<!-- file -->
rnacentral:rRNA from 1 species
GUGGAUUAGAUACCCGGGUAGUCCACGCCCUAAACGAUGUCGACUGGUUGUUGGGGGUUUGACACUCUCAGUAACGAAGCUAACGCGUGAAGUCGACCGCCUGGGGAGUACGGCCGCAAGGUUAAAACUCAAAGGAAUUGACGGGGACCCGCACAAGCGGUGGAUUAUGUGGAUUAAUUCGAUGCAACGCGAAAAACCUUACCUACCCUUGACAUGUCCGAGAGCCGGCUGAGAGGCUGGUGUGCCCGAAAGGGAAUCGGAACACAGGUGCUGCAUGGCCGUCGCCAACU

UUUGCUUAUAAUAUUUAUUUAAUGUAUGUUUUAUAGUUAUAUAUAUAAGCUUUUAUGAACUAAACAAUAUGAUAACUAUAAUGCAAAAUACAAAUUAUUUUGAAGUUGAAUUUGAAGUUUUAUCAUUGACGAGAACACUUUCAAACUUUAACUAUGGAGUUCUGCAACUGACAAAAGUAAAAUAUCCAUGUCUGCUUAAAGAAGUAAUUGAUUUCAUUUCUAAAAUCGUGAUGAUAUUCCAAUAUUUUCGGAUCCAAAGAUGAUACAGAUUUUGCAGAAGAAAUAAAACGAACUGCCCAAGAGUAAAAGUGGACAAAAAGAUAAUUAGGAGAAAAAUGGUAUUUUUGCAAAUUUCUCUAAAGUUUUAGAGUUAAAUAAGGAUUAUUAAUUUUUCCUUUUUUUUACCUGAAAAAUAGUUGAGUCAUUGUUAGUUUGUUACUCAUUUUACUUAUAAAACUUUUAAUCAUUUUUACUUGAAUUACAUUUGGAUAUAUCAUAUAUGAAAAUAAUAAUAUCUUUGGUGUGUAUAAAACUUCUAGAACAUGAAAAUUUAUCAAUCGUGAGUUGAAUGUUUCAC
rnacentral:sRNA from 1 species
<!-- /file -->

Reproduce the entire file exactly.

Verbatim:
rnacentral:rRNA from 1 species
GUGGAUUAGAUACCCGGGUAGUCCACGCCCUAAACGAUGUCGACUGGUUGUUGGGGGUUUGACACUCUCAGUAACGAAGCUAACGCGUGAAGUCGACCGCCUGGGGAGUACGGCCGCAAGGUUAAAACUCAAAGGAAUUGACGGGGACCCGCACAAGCGGUGGAUUAUGUGGAUUAAUUCGAUGCAACGCGAAAAACCUUACCUACCCUUGACAUGUCCGAGAGCCGGCUGAGAGGCUGGUGUGCCCGAAAGGGAAUCGGAACACAGGUGCUGCAUGGCCGUCGCCAACU

UUUGCUUAUAAUAUUUAUUUAAUGUAUGUUUUAUAGUUAUAUAUAUAAGCUUUUAUGAACUAAACAAUAUGAUAACUAUAAUGCAAAAUACAAAUUAUUUUGAAGUUGAAUUUGAAGUUUUAUCAUUGACGAGAACACUUUCAAACUUUAACUAUGGAGUUCUGCAACUGACAAAAGUAAAAUAUCCAUGUCUGCUUAAAGAAGUAAUUGAUUUCAUUUCUAAAAUCGUGAUGAUAUUCCAAUAUUUUCGGAUCCAAAGAUGAUACAGAUUUUGCAGAAGAAAUAAAACGAACUGCCCAAGAGUAAAAGUGGACAAAAAGAUAAUUAGGAGAAAAAUGGUAUUUUUGCAAAUUUCUCUAAAGUUUUAGAGUUAAAUAAGGAUUAUUAAUUUUUCCUUUUUUUUACCUGAAAAAUAGUUGAGUCAUUGUUAGUUUGUUACUCAUUUUACUUAUAAAACUUUUAAUCAUUUUUACUUGAAUUACAUUUGGAUAUAUCAUAUAUGAAAAUAAUAAUAUCUUUGGUGUGUAUAAAACUUCUAGAACAUGAAAAUUUAUCAAUCGUGAGUUGAAUGUUUCAC
rnacentral:sRNA from 1 species